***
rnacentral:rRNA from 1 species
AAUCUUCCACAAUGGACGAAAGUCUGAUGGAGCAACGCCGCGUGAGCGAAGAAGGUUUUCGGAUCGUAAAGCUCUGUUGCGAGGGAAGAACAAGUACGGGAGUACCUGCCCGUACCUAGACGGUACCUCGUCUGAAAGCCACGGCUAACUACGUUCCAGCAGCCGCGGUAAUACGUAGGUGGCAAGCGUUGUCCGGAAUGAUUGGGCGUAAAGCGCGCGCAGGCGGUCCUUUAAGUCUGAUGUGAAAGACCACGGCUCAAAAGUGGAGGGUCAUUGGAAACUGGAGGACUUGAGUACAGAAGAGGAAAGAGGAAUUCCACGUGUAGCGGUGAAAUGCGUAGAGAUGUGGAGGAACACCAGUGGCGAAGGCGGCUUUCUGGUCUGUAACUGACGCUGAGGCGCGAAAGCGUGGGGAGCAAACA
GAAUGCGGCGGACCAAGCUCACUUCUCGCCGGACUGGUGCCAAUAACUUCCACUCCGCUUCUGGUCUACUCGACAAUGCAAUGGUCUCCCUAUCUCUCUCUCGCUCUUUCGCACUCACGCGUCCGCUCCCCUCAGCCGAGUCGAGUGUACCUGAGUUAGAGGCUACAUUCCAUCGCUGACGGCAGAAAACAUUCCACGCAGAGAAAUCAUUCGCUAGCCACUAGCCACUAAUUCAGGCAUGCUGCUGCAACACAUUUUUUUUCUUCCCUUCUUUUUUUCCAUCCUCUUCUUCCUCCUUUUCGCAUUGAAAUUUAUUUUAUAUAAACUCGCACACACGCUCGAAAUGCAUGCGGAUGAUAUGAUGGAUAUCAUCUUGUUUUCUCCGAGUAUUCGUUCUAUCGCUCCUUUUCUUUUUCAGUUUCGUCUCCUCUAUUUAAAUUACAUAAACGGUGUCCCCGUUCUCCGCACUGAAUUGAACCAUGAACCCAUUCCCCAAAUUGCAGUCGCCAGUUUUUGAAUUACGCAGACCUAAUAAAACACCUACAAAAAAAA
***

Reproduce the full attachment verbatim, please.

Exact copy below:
rnacentral:rRNA from 1 species
AAUCUUCCACAAUGGACGAAAGUCUGAUGGAGCAACGCCGCGUGAGCGAAGAAGGUUUUCGGAUCGUAAAGCUCUGUUGCGAGGGAAGAACAAGUACGGGAGUACCUGCCCGUACCUAGACGGUACCUCGUCUGAAAGCCACGGCUAACUACGUUCCAGCAGCCGCGGUAAUACGUAGGUGGCAAGCGUUGUCCGGAAUGAUUGGGCGUAAAGCGCGCGCAGGCGGUCCUUUAAGUCUGAUGUGAAAGACCACGGCUCAAAAGUGGAGGGUCAUUGGAAACUGGAGGACUUGAGUACAGAAGAGGAAAGAGGAAUUCCACGUGUAGCGGUGAAAUGCGUAGAGAUGUGGAGGAACACCAGUGGCGAAGGCGGCUUUCUGGUCUGUAACUGACGCUGAGGCGCGAAAGCGUGGGGAGCAAACA
GAAUGCGGCGGACCAAGCUCACUUCUCGCCGGACUGGUGCCAAUAACUUCCACUCCGCUUCUGGUCUACUCGACAAUGCAAUGGUCUCCCUAUCUCUCUCUCGCUCUUUCGCACUCACGCGUCCGCUCCCCUCAGCCGAGUCGAGUGUACCUGAGUUAGAGGCUACAUUCCAUCGCUGACGGCAGAAAACAUUCCACGCAGAGAAAUCAUUCGCUAGCCACUAGCCACUAAUUCAGGCAUGCUGCUGCAACACAUUUUUUUUCUUCCCUUCUUUUUUUCCAUCCUCUUCUUCCUCCUUUUCGCAUUGAAAUUUAUUUUAUAUAAACUCGCACACACGCUCGAAAUGCAUGCGGAUGAUAUGAUGGAUAUCAUCUUGUUUUCUCCGAGUAUUCGUUCUAUCGCUCCUUUUCUUUUUCAGUUUCGUCUCCUCUAUUUAAAUUACAUAAACGGUGUCCCCGUUCUCCGCACUGAAUUGAACCAUGAACCCAUUCCCCAAAUUGCAGUCGCCAGUUUUUGAAUUACGCAGACCUAAUAAAACACCUACAAAAAAAA